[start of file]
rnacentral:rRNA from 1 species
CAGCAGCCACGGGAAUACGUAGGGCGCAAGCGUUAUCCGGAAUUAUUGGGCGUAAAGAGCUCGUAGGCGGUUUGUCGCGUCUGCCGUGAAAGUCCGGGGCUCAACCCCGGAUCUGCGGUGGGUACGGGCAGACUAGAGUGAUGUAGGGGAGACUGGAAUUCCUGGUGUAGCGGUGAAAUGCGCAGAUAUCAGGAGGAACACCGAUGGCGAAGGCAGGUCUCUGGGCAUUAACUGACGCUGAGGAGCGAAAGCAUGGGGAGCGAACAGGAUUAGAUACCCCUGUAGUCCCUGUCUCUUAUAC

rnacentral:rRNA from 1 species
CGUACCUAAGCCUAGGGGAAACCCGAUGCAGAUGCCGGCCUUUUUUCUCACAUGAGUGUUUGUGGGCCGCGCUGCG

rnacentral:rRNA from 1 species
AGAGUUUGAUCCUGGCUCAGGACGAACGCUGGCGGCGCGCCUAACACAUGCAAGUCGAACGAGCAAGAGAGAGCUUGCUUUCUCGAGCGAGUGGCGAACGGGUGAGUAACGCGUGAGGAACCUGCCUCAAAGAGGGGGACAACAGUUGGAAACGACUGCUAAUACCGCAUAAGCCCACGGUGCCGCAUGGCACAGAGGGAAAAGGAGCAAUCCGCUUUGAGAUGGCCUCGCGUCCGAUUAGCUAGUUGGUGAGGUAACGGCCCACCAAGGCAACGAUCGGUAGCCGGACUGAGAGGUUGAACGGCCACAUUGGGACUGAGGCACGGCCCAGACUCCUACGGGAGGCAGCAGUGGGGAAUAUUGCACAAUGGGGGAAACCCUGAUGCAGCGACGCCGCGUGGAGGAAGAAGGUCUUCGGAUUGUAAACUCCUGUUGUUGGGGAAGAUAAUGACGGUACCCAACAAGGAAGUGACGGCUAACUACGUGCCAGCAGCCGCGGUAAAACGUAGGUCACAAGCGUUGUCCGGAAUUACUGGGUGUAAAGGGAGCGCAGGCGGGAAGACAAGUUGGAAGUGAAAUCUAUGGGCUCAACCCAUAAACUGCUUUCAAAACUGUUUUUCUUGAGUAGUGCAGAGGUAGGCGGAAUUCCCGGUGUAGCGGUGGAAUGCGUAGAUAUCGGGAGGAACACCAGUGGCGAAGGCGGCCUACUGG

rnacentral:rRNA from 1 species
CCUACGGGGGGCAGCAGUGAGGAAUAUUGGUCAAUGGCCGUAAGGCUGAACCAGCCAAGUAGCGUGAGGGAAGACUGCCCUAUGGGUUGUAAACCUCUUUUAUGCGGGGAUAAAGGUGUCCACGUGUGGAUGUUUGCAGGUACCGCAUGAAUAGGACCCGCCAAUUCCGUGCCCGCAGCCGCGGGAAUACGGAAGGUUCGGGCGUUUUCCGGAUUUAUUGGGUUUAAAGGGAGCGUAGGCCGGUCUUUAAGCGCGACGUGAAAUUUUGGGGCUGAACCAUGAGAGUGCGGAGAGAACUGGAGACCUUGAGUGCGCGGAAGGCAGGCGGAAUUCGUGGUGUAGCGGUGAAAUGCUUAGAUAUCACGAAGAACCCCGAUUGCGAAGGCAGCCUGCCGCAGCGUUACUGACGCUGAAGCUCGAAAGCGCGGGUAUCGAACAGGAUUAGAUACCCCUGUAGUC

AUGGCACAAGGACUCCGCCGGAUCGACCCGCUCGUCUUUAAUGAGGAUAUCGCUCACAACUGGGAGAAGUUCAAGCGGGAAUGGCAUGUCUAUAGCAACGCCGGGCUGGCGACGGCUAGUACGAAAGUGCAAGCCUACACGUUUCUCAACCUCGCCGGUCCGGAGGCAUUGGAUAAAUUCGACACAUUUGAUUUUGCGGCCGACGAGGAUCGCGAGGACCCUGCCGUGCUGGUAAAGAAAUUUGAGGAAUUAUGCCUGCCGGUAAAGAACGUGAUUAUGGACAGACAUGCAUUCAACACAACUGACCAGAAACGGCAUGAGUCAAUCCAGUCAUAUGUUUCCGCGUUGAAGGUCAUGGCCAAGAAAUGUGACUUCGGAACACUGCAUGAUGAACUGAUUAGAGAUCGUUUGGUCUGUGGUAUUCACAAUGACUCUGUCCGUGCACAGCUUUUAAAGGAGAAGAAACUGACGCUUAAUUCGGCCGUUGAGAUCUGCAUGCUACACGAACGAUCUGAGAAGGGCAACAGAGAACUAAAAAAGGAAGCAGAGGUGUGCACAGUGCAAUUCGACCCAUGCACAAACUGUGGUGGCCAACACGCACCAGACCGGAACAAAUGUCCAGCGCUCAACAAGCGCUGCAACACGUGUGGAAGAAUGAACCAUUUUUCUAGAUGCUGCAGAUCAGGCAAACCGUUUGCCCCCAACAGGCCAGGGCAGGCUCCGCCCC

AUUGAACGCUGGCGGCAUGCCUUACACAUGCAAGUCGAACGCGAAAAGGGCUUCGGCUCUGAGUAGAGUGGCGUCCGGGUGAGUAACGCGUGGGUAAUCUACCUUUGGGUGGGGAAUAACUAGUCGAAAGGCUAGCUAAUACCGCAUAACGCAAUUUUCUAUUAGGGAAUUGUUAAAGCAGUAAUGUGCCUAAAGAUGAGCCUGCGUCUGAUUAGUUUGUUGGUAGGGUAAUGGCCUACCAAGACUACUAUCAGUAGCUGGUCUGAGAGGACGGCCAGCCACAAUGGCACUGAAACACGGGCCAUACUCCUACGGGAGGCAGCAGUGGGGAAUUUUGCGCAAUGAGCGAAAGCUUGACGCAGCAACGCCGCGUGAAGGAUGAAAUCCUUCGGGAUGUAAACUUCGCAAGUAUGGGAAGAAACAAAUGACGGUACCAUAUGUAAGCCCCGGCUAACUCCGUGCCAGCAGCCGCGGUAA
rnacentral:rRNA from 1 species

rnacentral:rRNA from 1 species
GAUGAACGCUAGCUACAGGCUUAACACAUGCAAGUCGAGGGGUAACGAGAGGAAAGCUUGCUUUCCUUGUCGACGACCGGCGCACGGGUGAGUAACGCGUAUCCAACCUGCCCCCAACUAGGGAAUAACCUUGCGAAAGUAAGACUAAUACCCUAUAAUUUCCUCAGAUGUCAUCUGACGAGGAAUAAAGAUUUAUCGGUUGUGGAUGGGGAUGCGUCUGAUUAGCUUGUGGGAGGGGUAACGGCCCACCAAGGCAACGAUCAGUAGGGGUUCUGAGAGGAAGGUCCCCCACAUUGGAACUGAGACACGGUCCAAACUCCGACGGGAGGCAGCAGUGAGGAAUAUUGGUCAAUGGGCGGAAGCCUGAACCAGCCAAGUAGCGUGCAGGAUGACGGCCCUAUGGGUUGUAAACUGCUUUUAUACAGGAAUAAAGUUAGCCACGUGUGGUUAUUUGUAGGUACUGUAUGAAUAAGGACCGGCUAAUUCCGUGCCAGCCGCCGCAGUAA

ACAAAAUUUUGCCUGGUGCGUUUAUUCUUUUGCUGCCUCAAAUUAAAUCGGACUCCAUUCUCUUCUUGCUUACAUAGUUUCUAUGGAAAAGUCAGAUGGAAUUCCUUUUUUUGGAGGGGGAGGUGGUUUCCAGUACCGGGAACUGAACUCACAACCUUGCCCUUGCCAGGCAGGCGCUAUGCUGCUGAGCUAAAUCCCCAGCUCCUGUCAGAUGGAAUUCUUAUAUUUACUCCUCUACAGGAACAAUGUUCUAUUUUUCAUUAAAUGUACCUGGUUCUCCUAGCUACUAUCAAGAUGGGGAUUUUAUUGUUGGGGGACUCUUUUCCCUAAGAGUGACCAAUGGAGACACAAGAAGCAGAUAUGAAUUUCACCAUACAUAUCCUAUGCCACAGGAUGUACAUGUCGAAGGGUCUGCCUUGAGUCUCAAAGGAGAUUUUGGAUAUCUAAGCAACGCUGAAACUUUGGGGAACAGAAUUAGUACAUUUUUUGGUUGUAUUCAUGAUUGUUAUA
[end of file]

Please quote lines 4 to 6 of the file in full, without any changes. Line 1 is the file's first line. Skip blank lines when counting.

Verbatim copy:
CGUACCUAAGCCUAGGGGAAACCCGAUGCAGAUGCCGGCCUUUUUUCUCACAUGAGUGUUUGUGGGCCGCGCUGCG

rnacentral:rRNA from 1 species
AGAGUUUGAUCCUGGCUCAGGACGAACGCUGGCGGCGCGCCUAACACAUGCAAGUCGAACGAGCAAGAGAGAGCUUGCUUUCUCGAGCGAGUGGCGAACGGGUGAGUAACGCGUGAGGAACCUGCCUCAAAGAGGGGGACAACAGUUGGAAACGACUGCUAAUACCGCAUAAGCCCACGGUGCCGCAUGGCACAGAGGGAAAAGGAGCAAUCCGCUUUGAGAUGGCCUCGCGUCCGAUUAGCUAGUUGGUGAGGUAACGGCCCACCAAGGCAACGAUCGGUAGCCGGACUGAGAGGUUGAACGGCCACAUUGGGACUGAGGCACGGCCCAGACUCCUACGGGAGGCAGCAGUGGGGAAUAUUGCACAAUGGGGGAAACCCUGAUGCAGCGACGCCGCGUGGAGGAAGAAGGUCUUCGGAUUGUAAACUCCUGUUGUUGGGGAAGAUAAUGACGGUACCCAACAAGGAAGUGACGGCUAACUACGUGCCAGCAGCCGCGGUAAAACGUAGGUCACAAGCGUUGUCCGGAAUUACUGGGUGUAAAGGGAGCGCAGGCGGGAAGACAAGUUGGAAGUGAAAUCUAUGGGCUCAACCCAUAAACUGCUUUCAAAACUGUUUUUCUUGAGUAGUGCAGAGGUAGGCGGAAUUCCCGGUGUAGCGGUGGAAUGCGUAGAUAUCGGGAGGAACACCAGUGGCGAAGGCGGCCUACUGG